6.2/10
6,194
147 user 49 critic

Timecode (2000)

Trailer
0:43 | Trailer

Watch Now

With Prime Video

ON DISC
ALL
Four frames of simultaneous action that alternately follow a smitten lesbian lover as she obsesses over her partner's dalliances and the tense goings-on of a Hollywood film production company.

Director:

Mike Figgis

Writer:

Mike Figgis (story)
2 nominations. See more awards »

Videos

Photos

Learn more

More Like This 

Drama | Romance
    1 2 3 4 5 6 7 8 9 10 5.8/10 X  

Los Angeles advertisement director Max visits his friend, artist Charlie, who was diagnosed with A.I.D.S. in New York City. There he meets Karen, they are attracted to each other and after ... See full summary »

Director: Mike Figgis
Stars: Wesley Snipes, Nastassja Kinski, Kyle MacLachlan
Drama
    1 2 3 4 5 6 7 8 9 10 5.4/10 X  

Non-linear film tells the sexual story of a film director from his life at age 5, 12 and 16, a man embarking on his first film in 1950s Tunisia, and finally to his current life. Along the ... See full summary »

Director: Mike Figgis
Stars: Julian Sands, Saffron Burrows, Stefano Dionisi
Hotel (2001)
Comedy
    1 2 3 4 5 6 7 8 9 10 4.4/10 X  

While a British film crew are shooting a version of The Duchess Of Malfi in Venice, they in turn are being filmed by a sleasy documentary primadonna while the strange staff share meals ... See full summary »

Director: Mike Figgis
Stars: Max Beesley, Saffron Burrows, Rhys Ifans
Stormy Monday (1988)
Crime | Drama | Music
    1 2 3 4 5 6 7 8 9 10 6.3/10 X  

A crooked American businessman tries to push the shady influential owner of a nightclub in Newcastle, England to sell him the club. The club's new employee and the American's ex lover fall in love and inadvertently stir the pot.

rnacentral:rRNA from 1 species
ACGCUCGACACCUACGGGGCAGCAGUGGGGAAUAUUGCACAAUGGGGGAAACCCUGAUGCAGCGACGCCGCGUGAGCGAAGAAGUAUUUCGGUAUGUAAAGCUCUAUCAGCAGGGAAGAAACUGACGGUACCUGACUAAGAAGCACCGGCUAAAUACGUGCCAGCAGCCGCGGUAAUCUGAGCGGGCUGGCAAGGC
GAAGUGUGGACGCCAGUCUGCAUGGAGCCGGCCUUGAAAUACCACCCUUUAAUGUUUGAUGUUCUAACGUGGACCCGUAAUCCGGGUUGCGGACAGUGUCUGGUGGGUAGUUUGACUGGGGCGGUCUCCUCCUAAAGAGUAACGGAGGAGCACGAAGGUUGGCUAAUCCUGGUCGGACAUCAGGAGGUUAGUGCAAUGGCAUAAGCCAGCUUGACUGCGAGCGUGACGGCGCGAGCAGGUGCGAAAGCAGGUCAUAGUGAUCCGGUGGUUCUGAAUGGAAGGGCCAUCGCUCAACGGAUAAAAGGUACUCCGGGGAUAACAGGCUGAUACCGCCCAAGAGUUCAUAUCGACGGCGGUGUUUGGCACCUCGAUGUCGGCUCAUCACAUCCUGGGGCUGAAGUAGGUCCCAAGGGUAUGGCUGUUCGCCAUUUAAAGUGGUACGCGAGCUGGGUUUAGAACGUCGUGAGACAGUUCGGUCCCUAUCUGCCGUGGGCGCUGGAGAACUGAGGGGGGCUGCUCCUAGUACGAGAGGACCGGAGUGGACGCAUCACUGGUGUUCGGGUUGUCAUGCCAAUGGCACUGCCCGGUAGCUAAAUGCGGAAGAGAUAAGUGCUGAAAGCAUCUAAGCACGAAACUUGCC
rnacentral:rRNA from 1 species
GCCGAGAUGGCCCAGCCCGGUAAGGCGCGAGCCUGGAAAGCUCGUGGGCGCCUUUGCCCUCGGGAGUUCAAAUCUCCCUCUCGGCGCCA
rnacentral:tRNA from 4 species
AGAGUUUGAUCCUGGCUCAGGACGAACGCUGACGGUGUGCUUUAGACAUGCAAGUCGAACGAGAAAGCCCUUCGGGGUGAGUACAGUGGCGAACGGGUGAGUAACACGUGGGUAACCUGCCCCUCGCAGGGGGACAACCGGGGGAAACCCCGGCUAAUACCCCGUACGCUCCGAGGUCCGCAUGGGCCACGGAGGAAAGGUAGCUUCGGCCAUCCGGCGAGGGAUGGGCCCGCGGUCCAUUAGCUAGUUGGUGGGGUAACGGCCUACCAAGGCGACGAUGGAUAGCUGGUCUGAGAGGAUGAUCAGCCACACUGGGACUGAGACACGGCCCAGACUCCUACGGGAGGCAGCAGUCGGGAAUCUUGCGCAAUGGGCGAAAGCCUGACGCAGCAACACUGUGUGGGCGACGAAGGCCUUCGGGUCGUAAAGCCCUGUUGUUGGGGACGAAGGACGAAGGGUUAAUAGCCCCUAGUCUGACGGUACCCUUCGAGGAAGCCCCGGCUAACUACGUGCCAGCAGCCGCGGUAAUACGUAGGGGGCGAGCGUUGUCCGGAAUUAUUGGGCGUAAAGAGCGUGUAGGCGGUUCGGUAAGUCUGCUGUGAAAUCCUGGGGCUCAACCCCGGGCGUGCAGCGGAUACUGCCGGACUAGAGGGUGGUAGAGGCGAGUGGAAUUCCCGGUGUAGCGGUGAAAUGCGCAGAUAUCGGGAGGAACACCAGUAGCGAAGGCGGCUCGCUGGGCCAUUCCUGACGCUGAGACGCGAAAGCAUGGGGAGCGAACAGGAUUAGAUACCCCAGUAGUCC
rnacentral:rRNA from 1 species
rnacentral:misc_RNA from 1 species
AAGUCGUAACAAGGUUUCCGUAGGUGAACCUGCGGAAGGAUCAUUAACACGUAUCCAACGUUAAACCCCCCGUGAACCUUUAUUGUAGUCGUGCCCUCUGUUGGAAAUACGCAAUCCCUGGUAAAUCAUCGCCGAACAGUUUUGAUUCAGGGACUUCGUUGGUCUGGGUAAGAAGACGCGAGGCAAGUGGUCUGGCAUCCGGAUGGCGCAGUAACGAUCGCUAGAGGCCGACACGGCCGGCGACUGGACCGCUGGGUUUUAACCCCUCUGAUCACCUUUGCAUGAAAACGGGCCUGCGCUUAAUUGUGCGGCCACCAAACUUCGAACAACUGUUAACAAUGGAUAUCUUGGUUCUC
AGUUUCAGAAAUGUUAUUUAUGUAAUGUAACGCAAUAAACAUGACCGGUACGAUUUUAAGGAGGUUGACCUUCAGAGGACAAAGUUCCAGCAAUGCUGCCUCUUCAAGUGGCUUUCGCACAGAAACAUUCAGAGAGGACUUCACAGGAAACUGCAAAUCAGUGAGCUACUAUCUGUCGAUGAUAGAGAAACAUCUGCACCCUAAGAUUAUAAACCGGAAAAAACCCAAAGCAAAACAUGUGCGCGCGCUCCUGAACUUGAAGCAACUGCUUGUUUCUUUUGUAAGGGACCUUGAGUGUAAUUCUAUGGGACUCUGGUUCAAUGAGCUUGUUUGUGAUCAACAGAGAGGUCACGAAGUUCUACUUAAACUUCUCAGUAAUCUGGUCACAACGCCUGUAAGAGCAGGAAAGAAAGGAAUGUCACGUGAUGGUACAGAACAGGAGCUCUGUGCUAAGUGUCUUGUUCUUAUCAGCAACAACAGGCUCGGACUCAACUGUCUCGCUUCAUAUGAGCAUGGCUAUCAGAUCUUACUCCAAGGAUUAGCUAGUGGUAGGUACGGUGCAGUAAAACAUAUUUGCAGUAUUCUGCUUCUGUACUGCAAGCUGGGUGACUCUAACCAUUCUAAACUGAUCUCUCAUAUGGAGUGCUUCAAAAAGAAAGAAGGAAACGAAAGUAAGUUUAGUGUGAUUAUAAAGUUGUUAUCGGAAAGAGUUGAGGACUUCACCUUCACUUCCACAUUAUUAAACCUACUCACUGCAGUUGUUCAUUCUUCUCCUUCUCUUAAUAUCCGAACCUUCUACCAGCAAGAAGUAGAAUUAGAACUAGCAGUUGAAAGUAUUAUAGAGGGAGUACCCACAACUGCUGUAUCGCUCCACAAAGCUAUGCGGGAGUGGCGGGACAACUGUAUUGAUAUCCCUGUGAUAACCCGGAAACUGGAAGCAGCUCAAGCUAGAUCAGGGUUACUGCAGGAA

Director: Mike Figgis
Stars: Melanie Griffith, Tommy Lee Jones, Sting
Drama
    1 2 3 4 5 6 7 8 9 10 5.5/10 X  

A British car racer meets a suicidal woman while in Istanbul for the Gumball Rally.

Director: Mike Figgis
Stars: Rosey Chan, Daniel Lapaine, Sophie Winkleman
Documentary
    1 2 3 4 5 6 7 8 9 10 7.6/10 X  
Director: Mike Figgis
Stars: Sara Baras, Elena Camunez Andújar, Eva Yerbabuena
Miss Julie (1999)
Drama
    1 2 3 4 5 6 7 8 9 10 6.4/10 X  

A footman seduces a count's daughter.

Director: Mike Figgis
Stars: Saffron Burrows, Peter Mullan, Maria Doyle Kennedy
Co/Ma (2004)
Documentary
    1 2 3 4 5 6 7 8 9 10 5.3/10 X  

19 filmmakers from ten european countries selected by Mike Figgis for a Masterclass by the European Film Academy come to Slovenia in a challenging mission: to conceive, shoot, complete a ... See full summary »

Directors: Jovan Arsenic, Mike Figgis, and 3 more credits »
Stars: Aleksandra Balmazovic, Aljosa Kovacic, Thekla Reuten
Documentary
    1 2 3 4 5 6 7 8 9 10 6.5/10 X